Miniature dental device mimics dentin–pulp interface
PORTLAND, Ore., U.S.: For the first time, researchers have developed an organ-on-a-chip system for dental research. The system is designed to help scientists better understand the functioning of live dental pulp cells in the oral cavity and could be used to further knowledge of tooth formation and pulpal response to various injuries and treatments. Additionally, the novel device could help dentists identify dental filling materials that are more efficient and durable based on the specific patient’s teeth and oral microbiome.
The miniature tooth system consists of a thin slice of a human molar placed between transparent rubber slides that are etched with tiny channels through which fluids flow. The device mimics a real tooth with a cavity and allows fluids and bacteria to move between the cavity opening and the inner tooth. The scientists observed the cells’ interaction with dental materials and bacteria under a microscope.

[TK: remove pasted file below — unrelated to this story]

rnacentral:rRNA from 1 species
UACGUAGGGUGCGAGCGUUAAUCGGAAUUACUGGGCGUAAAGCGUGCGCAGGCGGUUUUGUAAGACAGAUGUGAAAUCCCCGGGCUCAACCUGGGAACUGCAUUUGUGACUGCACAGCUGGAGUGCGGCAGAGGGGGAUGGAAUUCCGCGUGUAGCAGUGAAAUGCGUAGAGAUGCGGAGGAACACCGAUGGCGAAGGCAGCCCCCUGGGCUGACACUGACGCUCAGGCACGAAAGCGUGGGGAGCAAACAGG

“Today’s cavity fillings don’t work as well as they should. They last for five, seven years on average, and then they break off,” said senior author Dr. Luiz E. Bertassoni, associate professor of restorative dentistry in the Oregon Health and Science University School of Dentistry. “They don’t work because we haven’t been able to figure out what’s happening at the interface of the tooth and the filling.”
“This device can help address that by giving us a close-up view of what’s happening there in real time. Years from now, dentists could extract a tooth from a patient, load it into this device, observe how a dental filling material interacts with the tooth, and pick a material that’s best for that particular patient,” Bertassoni continued.
“It opens up a new window into the complexity of dental care that could change the way we do dentistry quite significantly,” he concluded.
The study, titled “The tooth on-a-chip: A microphysiologic model system mimicking the biologic interface of the tooth with biomaterials,” was published online on Dec. 19, 2019, in Lab on a Chip.